There is an apochryphal story of an American couple passing through Milngavie who became aware that it had a pronunciation to confuse most tourists.  So they thought they’d ask a local.  When having lunch they asked the waitress: “Can you tell us how you pronounce the name of this place and say it slowly so that we can pick it up“.  The obliging lass said, slowly and clearly “B-u-r-g-e-r  K-i-n-g“.

While this may or may not be true, there are certainly many Scottish place names that get not only visitors tied in knots but often Scots too.  I’m not talking about place names which are just plain weird – such as Dull in Perthshire (see my Forest Safari post), Lost in Aberdeenshire or Rest and Be Thankfull in Argyll.  No, I’m focusing here on the place names that sound very different to how they’re spelled.


Photo credit –

And there’s certainly no shortage – there’s no space in my Top 10 for the likes of Strathaven, Auchenshuggle, Kingussie or Wemyss.  So here’s light-hearted look at difficult-to-pronounce place names – with thanks to Rampant Scotland for many of the definitions:

10.  Milngavie
Pronounced “Mill-guy”.  It is often said that the name derives from “Gavin’s Mill” but another possibility is that it comes from the Gaelic “muileann gaoithe” meaning windmill.
9.    Auchtermuchty
If you can get the ‘ch’ sound in the back of your throat without strangling yourself, this one is easy also.  “Auchter” is from the Gaelic ‘air uachdair’ meaning ‘on top of” so the Fife town of Auchtermuchty means ‘high ground of the
pig rearing’.
8.    Ecclefechan
A town in Dumfries and Galloway.  The name combineds the hard “cc” sound together with the more rasping “ch” sound (as in “loch”).
7.   Culzean
Culzean is pronounced “Kull-ane”, with the accent on the second syllable.  Culzean is best known for its Castle with its associated country park in Ayrshire, one of Scotland’s top visitor attractions.   In the 18th century the Earls of Cassillis engaged Robert Adam to design a splendid castle, and the 565 acre parkland surrounding the castle was designed by Alexander Nasmyth and two pupils of Capability Brown.
6.    Freuchie
Pronounced “Froochie”.  A villabe in Fife perhaps best known for its Cricket Club, who surprised everyone, particularly those in England, by winning the national village cricket championships at Lord’s in 1985 and then again in 2007.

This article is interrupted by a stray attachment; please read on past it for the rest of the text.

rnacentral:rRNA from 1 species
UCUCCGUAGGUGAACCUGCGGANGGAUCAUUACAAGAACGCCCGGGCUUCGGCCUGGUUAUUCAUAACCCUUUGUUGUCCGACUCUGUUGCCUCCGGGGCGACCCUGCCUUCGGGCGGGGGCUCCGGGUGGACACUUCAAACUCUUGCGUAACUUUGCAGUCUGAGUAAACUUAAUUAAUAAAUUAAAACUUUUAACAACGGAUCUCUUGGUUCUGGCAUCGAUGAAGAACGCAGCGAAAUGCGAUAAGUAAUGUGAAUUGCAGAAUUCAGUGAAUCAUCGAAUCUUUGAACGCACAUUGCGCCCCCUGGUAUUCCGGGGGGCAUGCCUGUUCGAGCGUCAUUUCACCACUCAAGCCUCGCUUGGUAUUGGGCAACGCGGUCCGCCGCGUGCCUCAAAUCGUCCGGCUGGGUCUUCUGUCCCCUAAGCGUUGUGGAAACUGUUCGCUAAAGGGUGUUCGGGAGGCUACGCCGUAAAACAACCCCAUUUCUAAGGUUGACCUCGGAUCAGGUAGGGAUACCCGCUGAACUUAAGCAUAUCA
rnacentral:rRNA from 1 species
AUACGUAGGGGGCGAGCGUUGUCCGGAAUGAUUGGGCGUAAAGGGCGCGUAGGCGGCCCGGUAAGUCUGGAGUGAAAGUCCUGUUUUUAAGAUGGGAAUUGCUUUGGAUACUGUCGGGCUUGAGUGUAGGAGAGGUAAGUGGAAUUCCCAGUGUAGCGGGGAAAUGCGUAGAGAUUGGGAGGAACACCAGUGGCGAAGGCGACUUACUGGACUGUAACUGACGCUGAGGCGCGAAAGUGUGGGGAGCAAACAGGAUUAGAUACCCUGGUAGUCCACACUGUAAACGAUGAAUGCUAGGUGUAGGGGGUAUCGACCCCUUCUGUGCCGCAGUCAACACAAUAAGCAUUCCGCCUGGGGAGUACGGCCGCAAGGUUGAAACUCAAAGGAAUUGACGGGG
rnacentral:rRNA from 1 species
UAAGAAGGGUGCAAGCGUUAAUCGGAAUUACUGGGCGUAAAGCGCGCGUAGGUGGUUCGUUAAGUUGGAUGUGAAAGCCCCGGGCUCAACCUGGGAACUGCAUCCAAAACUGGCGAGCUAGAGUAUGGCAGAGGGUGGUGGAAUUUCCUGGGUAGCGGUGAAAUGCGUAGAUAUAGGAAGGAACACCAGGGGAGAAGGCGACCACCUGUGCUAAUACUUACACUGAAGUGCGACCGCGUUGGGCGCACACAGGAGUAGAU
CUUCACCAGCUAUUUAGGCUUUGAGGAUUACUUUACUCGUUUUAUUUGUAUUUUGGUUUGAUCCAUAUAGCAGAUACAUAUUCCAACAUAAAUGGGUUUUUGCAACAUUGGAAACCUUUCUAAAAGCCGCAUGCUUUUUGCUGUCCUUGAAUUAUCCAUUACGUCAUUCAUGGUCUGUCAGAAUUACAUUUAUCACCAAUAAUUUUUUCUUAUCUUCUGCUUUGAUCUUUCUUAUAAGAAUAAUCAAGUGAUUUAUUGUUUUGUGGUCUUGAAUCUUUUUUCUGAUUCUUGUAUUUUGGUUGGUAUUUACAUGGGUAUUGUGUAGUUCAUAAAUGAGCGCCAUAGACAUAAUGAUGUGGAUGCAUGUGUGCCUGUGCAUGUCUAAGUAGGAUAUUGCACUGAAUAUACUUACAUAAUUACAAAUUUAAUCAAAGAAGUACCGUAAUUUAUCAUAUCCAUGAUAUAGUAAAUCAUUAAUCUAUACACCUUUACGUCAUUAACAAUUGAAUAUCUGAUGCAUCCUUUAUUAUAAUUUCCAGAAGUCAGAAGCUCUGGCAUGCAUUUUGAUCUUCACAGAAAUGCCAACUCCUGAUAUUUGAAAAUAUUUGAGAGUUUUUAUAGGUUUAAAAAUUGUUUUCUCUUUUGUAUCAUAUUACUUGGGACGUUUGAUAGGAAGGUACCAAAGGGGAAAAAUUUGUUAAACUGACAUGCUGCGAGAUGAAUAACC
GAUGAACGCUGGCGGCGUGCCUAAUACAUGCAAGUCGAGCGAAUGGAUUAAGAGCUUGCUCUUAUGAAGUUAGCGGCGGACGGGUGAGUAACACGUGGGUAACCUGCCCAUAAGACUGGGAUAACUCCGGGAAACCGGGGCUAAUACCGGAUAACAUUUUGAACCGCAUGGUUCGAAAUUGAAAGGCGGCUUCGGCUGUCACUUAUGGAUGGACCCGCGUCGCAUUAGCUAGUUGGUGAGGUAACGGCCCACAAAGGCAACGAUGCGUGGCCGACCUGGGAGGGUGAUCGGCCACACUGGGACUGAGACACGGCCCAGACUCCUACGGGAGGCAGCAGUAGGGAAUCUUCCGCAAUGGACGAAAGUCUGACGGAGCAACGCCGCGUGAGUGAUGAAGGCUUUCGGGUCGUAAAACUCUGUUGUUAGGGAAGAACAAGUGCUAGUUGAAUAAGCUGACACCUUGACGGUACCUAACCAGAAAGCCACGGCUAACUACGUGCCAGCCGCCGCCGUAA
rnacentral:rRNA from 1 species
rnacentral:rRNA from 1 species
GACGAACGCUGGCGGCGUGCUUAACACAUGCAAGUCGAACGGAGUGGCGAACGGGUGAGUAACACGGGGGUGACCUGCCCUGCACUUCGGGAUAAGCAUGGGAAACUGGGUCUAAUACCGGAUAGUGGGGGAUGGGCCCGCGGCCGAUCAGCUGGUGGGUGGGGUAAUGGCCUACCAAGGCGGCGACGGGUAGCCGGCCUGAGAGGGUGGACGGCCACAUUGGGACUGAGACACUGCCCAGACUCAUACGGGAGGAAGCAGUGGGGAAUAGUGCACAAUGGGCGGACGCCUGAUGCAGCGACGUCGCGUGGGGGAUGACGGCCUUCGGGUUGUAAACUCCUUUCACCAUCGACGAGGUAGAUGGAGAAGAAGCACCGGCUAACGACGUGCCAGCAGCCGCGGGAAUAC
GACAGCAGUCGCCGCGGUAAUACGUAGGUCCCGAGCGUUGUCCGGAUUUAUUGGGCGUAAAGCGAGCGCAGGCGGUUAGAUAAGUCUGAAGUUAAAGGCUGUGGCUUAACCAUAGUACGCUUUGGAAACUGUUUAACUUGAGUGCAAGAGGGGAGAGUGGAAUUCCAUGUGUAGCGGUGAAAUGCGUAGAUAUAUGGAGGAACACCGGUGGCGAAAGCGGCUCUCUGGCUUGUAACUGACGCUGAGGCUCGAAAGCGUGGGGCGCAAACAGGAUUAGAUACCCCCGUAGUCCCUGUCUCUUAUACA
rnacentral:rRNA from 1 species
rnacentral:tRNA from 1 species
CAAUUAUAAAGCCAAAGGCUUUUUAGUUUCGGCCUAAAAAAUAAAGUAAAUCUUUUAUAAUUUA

5.    Findochty
Surprisingly, this Moray fishing village is pronounced “Finechty” with the accent on the first syllable.  The name is from the Gaelic words “finn” meaning white and “dabhach” meaning a tub or vat.
4.    Garioch
Pronounced “Geerie”, this small Aberdeenshire community is in the shadow of the famous hill, Bennachie.  The area has a large number of Pictish standing stones and cairns dating from 2000BC.
3.    Anstruther
Anstruther is a coastal fishing port in the East Neuk of Fife and is known locally as “Ainster” with the emphasis on the first syllable – though many people in the rest of Scotland are likely to pronounce it as it looks on the page.  The name is derived from the Gaelic “an strathair” – the little stream.
2.    Kilconquhar
Pronounced “Kinnuchar”.   A place where witches in the East Neuk of Fife were executed by drowning in the loch.
1.    Kirkcudbright
A small town near the Solway Firth in Dumfries and Galloway, pronounced “Kirkcoobray” with the accent on the second syllable.

This is my Top 10 … have I missed any ?  And is there any reason why Fife appears most frequently ?!

11 Comments on “Top 10 Scottish place names

  1. I’ve always liked the name Knockando which is near Huntly. Knockando is most famous for its distillery.

  2. You could also have included Finzean near Banchory in Aberdeenshire – pronounced ‘Fing-in’!

      • No worries, in a similar vein and staying in Aberdeenshire it’s always surprised me how many places have two names – Aberchirder (Foggieloan), Stuartfield (Crichie), Gardenstown (Gamrie), Fraserburgh (the Broch), Fetterangus (Fishie) and Auchleven (Premnay). Is this something prolific throughout Scotland?

      • I’m personally not aware of places having two names in other parts of Scotland – and I’ve lived in various parts of the Borders and Central Scotland. This is interesting … My grandparents lived at Old Rayne and they always referred to Premnay as Premnay (never Auchleven).

        I’m interested to know if anyone has come across this ?

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